How do you apply a penalty in EBUScore Pairs?

In MrBridge #196, one of the questions for David Stevenson related to a fouled board where, at one table, the players had turned the board through 90 and hence returned their cards to the wrong slots. This happened at my club last week where I was Director/Scorer. As in the MrBridge query this was detected at the next table as we were using Bridgemates with lead detection enabled, and corrected for subsequent tables. I awarded AveragePlus to the one impacted table.
David said that a penalty should be awarded to the miscreants who had returned their cards incorrectly. He recommended 25%.
My question, however, is - how does one apply a penalty in EBUScore Pairs. I can't find any mechanism for doing so. Applying weighted scores doesn't help as that impacts on all other tables. All I could do was send a severe admonishment to the pairs involved. One of the miscreant pairs scored just 1MP on the board - applying a 25% penalty would take their score (on that board) negative! That would be fine, but I don't think EBUSP caters for this!

As an aside, Law 7A states that the board must remain in the centre of the table during play, but there is no Law saying that it shouldn't be turned round!

IanC

Comments

  • Penalties in EBUScore are applied as adjustments: in the Properties panel, the penalties are put in the ADJ column as a negative number of match points. If a top is 14 then 25% of top is a adjustment of -3.5.

    With respect, Law 7A contains the words "correctly oriented".

  • Penalties would be applied as an Adjustment in Properties, against the pairs concerned. Review the Scores page to see what the "Top" is, take 25% of that, and that's the amount of adjustment (negative).

    And, yes, Law 7A does say that the board should not be turned round:

    "When a board is to be played it is placed in the centre of the table where it shall remain, correctly oriented, until play is completed."

  • @IanC said:
    In MrBridge #196, one of the questions for David Stevenson related to a fouled board where, at one table, the players had turned the board through 90 and hence returned their cards to the wrong slots. This happened at my club last week where I was Director/Scorer. As in the MrBridge query this was detected at the next table as we were using Bridgemates with lead detection enabled, and corrected for subsequent tables. I awarded AveragePlus to the one impacted table.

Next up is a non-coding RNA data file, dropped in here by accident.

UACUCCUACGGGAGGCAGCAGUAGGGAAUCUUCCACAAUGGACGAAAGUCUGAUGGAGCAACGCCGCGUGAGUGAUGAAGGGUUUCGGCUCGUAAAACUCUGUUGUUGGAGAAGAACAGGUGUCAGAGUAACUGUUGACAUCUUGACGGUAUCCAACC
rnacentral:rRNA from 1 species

David said that a penalty should be awarded to the miscreants who had returned their cards incorrectly. He recommended 25%.
    My question, however, is - how does one apply a penalty in EBUScore Pairs. I can't find any mechanism for doing so. Applying weighted scores doesn't help as that impacts on all other tables. All I could do was send a severe admonishment to the pairs involved. One of the miscreant pairs scored just 1MP on the board - applying a 25% penalty would take their score (on that board) negative! That would be fine, but I don't think EBUSP caters for this!

    As an aside, Law 7A states that the board must remain in the centre of the table during play, but there is no Law saying that it shouldn't be turned round!

    IanC

    Go to "Properties" on the main screen.
    Put a minus number in the "Adj" column next to the relevant pair.
    The number is the amount of a top you wish as the penalty.
    It is not applied to an individual board, but to the overall total score for that pair.

  • @Robin_BarkerTD said:
    With respect, Law 7A contains the words "correctly oriented".

    Indeed - I lobbied for this and suggested the wording, precisely because players used to be able to say that there was no law covering the situation.

  • Thank you everybody, especially for such a prompt response.
    My first query and I get two black marks!
    Sorry Robin - I had mislaid/misfiled my current law book so had referred to the old red one.
    I had never noticed that there was a "Properties" option.
    Oh dear - back to school!
    Ian

  • Don’t let it put you off - you are very welcome here and I look forward to future posts from you.
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